A region of contrasts, Waterloo is home to both the Perimeter Institute for Theoretical Physics and old order Mennonite farms where horses still provide the plowing power.
Those Mennonite farms and villages attract busloads of visitors to the rolling green hills north of Waterloo, particularly to the town of St. Jacobs, famous for its sprawling year-round farmers’ market, one of the largest in Canada. Shop for Waterloo County staples: maple syrup, apple fritters and summer sausage (a salty salami that keeps in warm weather). In a community known for its quilts and crafts, one of St. Jacob’s most unusual offerings is Hamel Brooms where traditional craftsmen make corn brooms that look fit for a witch.
If it’s authenticity that you crave, explore the back roads and villages north and west of Hwy. 7-8, between Waterloo and Stratford and you’ll make some surprising discoveries, not the least of which is Castle Kilbride: not a castle per se, but close enough to warrant curiosity. This yellow brick mansion was built on the proceeds of a flax empire. James Livingston, once a poor Scottish immigrant, became wealthy enough to have trompe l’oeil murals painted in his hallways of his new mansion. In 1878 the Berlin Daily News marveled that “the finest and most comfortable residence in the County” was built in what was then the middle of a flax field.
Baden is still a pretty modest town—even with its newly built subdivision. But like several of its Waterloo County neighbours, Petersburg, St. Agatha and Heidelberg, it is home to a historic tavern. EJ’s still boasts its original bar and pressed tin ceiling, which, according to Castle Kilbride Curator Tracy Loch, “was painted by the same artist who created the murals at Castle Kilbride. He dined at the tavern, but didn’t pay his bill, preferring to paint instead. Whether or not it’s true, we can’t be sure, but it makes for a heck of a good story.”
Snuggled into a bend in the Nith River, New Hamburg has many charms, not the least of which is its handsome downtown, a designated heritage district with a mill pond, park and what locals claim is the world’s largest wooden water wheel, although it no longer powers any of the industries in town. It’s a delight to shop for ladies wear at old fashioned Murray’s Clothes or peruse the shelves of Upper Case Books, which according to proprietor Kristen Hahn, is the old-est commercial building in town.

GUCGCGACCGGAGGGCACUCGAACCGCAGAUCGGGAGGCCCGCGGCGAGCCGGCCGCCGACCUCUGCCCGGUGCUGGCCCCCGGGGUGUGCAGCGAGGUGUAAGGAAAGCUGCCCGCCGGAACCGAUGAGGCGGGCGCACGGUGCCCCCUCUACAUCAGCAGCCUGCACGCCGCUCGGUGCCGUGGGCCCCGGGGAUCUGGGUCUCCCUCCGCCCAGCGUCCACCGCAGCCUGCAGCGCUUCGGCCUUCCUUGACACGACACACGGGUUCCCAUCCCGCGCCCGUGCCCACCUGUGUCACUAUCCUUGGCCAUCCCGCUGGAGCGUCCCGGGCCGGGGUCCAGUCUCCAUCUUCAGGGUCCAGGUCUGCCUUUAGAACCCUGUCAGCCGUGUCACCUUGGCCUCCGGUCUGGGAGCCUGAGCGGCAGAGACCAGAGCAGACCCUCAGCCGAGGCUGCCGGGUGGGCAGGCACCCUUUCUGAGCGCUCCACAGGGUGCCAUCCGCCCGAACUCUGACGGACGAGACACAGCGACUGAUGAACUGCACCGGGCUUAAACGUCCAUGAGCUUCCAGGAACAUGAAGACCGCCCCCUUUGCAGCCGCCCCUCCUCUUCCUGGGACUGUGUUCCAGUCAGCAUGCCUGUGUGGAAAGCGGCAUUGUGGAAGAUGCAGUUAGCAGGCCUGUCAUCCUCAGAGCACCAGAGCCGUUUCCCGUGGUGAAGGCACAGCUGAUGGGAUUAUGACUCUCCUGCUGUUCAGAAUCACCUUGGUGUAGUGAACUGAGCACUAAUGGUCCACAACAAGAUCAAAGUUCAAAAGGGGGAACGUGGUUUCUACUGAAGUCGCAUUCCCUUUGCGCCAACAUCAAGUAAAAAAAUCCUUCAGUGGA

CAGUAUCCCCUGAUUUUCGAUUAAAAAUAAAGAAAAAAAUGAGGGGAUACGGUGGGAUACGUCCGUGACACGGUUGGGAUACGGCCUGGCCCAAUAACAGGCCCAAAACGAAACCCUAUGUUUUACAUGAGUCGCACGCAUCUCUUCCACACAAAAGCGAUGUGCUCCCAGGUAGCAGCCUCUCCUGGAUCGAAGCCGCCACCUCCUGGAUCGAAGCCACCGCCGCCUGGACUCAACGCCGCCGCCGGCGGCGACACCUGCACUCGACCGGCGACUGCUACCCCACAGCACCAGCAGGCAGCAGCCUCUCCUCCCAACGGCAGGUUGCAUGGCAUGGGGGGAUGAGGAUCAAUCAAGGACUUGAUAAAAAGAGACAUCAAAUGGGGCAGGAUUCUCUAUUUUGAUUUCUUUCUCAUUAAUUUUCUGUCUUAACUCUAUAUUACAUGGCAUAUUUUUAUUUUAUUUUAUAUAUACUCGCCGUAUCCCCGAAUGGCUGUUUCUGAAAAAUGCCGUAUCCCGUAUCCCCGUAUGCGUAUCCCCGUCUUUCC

By contrast, in uptown Waterloo, the corner of Erb and Caroline Streets juxtaposes old and new. The vintage tour train that takes tourists on sightseeing excursions to St. Jacobs departs from in front of the Perimeter Institute. Across the road, the old yellow brick facade of the former Seagram barrel warehouse, now the Centre for International Governance, is reflected in the mirrored glass of the Balsillie School of International Affairs, proving that Castle Kilbride’s owner was only one of a long line of ambitious entrepreneurs to make their name in this region.
EAT AND SLEEP
While urban diners are rediscovering the delights of charcuterie and offal meats, eating whole hog has never gone out of fashion in Waterloo County. Witness the menu at the Old Heidelberg Inn, where plates of pigtails and trotters are enjoyed with ample mounds of mashed potatoes and sauerkraut just as they have been for decades. Washed down with a glass of the house-brewed Bavarian lager, these hearty meats have never left the menu. No fashion-forward décor at the Old Heidelberg, just a honky-tonk piano and food that schmecks. This region was after all the home of Edna Staebler, famed for her Food That Really Schmecks cookbooks. The Heidelburg is one of four historic hotels waiting to be discovered on a driving tour of the back roads north of Waterloo. You’ll find similar local delights at historic EJ’s in Baden, Kennedy’s in St. Agatha, and the Blue Moon Restaurant, a former stagecoach stop in the crossroads village of Petersburg.
Although pigtails and Limburger cheese sandwiches are old regional standbys in Waterloo, the region also has its sophisticated side. New Hamburg with a population of barely 10,000 boasts four fine restaurants, including the Puddicombe House where chef Lance Edwards makes everything from the linguine to the lemon meringue tower with lavender-scented crème Anglaise himself.
Formerly the home of businessman and Conservative senator Samuel Merner, Puddicombe House, has been lovingly restored by
proprietor Karen Cressman to its full glory. Guests now enjoy bedrooms with ceilings almost 12 feet high, canopy and four-poster beds as well as comforts unknown to the senator, including jet tubs big enough for two.
A historic former Seagram mach-ine house is now Solé Restaurant & Wine, known for its pizza oven and creative cuisine with offerings like sweet potato lasagna, conveniently located to the tour train station.
Tens of thousands of visitors flock to New Hamburg on the last Friday and Saturday in May for the Mennonite Relief Sale to bid on Mennonite quilts and snack on traditional goodies like shoo-fly pie, cream buns, sausages and more. Culinary historians take note: this year Mennonite women of Ukrainian heritage will be deep frying rollkuchen pastries in homemade fryers called “discos” after
the farm implements from which they are fashioned.
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